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Showing posts from September, 2008

Drawing

I've made a start on the drawing. For a long time the pad and pencils sat on my desk, eyeing me accusingly. I wanted to do it, but it was one more thing to take up the precious hours in the day. One more ancient fear to face. It was a sort of deadlock, broken by the arrival of the text book that Audrey had recommended, Drawing On The Right Side Of The Brain . One of the first things to do, said the book, was to draw a few pictures as a reference point, to see how far you progress from this point onwards as you go on with the lessons. In the book were some examples of the self portraits people had done at the start of the five day courses tutored by the author, Betty Edwards, along with the ones they had done at the end. Such as these ones: I thought that if she could teach someone to make that sort of progress in 5 days, she was probably worth listening to. And so far, so good. I've done the before self portrait (the answer is NO) and a few other little bits and pieces, and l

Browsers

What Browsers are people using? Just curious. I've been using Firefox, and have IE and Safari sitting unused on my computer.In the last couple of days have been trying out Chrome . So far I really like it: simple, clear, stable, easy to use and quite fast. It has a couple of ways of navigating which are quite novel and very helpful.  What do you think?

The Hero's Quest

Picture: Parsifal The High Mysterious Call by Willy Pogani, early 20th C Hungarian illustrator According to separation theory, the developmental task for men and women is very different. All of us begin inside the body of another human being. All are born utterly dependent on that other and unable to distinguish between our own being and hers. To become a self we must learn, first of all, to separate our own identity from that of our mother. We then gradually grow into our own self through the lifetime process Jung calls individuation. As we move through childhood to adulthood we follow different paths. A little girl attains womanhood by becoming a being that is progressively more and more like her mother. A little boy attains manhood by becoming a being that is progressively less and less like his mother. Here is the Genesis of the differing spiritual paths of men and women: for women, the path is towards unity, inclusiveness, forging community. For men it is towards individuali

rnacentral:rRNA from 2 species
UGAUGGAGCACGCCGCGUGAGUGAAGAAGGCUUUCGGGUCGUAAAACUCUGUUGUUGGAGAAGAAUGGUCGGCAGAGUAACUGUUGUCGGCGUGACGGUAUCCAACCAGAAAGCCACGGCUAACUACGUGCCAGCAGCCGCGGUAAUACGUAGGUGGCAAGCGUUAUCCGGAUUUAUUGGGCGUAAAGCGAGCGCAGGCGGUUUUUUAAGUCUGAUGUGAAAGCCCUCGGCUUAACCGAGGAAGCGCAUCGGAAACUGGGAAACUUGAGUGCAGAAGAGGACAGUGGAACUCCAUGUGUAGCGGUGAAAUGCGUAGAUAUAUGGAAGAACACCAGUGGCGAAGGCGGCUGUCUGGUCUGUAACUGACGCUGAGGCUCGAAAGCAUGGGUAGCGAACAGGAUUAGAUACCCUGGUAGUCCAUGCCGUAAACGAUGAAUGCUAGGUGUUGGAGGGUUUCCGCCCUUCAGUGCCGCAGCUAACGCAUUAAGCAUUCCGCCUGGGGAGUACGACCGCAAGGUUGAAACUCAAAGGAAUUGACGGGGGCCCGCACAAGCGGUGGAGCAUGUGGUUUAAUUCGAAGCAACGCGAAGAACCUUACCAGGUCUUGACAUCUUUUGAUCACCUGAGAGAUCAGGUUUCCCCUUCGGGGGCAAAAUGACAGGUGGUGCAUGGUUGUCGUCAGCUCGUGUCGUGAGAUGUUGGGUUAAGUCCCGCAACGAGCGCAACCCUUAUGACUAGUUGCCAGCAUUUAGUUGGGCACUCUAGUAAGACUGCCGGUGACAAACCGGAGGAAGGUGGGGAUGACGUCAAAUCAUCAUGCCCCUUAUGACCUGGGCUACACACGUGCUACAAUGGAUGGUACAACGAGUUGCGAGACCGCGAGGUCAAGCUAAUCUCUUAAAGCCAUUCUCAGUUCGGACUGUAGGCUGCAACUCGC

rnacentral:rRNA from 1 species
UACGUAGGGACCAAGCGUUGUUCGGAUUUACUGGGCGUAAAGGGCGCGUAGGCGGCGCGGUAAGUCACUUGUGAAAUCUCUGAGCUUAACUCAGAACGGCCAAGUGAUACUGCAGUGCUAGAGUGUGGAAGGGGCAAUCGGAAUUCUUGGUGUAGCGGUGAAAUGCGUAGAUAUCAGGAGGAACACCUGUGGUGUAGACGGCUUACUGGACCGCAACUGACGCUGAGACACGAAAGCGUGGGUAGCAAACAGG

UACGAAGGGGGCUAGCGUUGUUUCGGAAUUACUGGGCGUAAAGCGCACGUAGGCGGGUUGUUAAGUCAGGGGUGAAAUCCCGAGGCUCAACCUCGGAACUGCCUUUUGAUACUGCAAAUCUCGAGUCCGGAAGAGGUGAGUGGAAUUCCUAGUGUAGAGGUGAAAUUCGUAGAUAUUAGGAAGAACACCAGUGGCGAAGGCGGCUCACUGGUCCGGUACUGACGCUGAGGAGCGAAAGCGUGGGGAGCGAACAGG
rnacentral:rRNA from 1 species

Scan

I had a CT scan today. I had to be up early to drink dye (two delicious cupfuls) and report to the hospital at 8:30. I was asked to change into one of those gowns that do up at the back, and which are branded Property of Otago District Health Board against the truly absurd possibility that someone will want to nick one. A shunt was put into my arm. I'm good at shunts. I've had a few of them lately so I was able to comment positively on the nurse's technique as she poked it in and flushed it with salty water. This one was for more dye, which was pumped in by a mechanical injector, just like the one they used in Dead Man Walking - made me feel quite the movie star. Then I was passed through a large circular machine which spoke to me in an elevator voice, telling me when to hold my breath and when to breathe out (I was going to write "expire" , but thought it in bad taste, even if it was witty and opened up a whole gamut of dark cancer type humour. See how gentle

An Oldie But a Goodie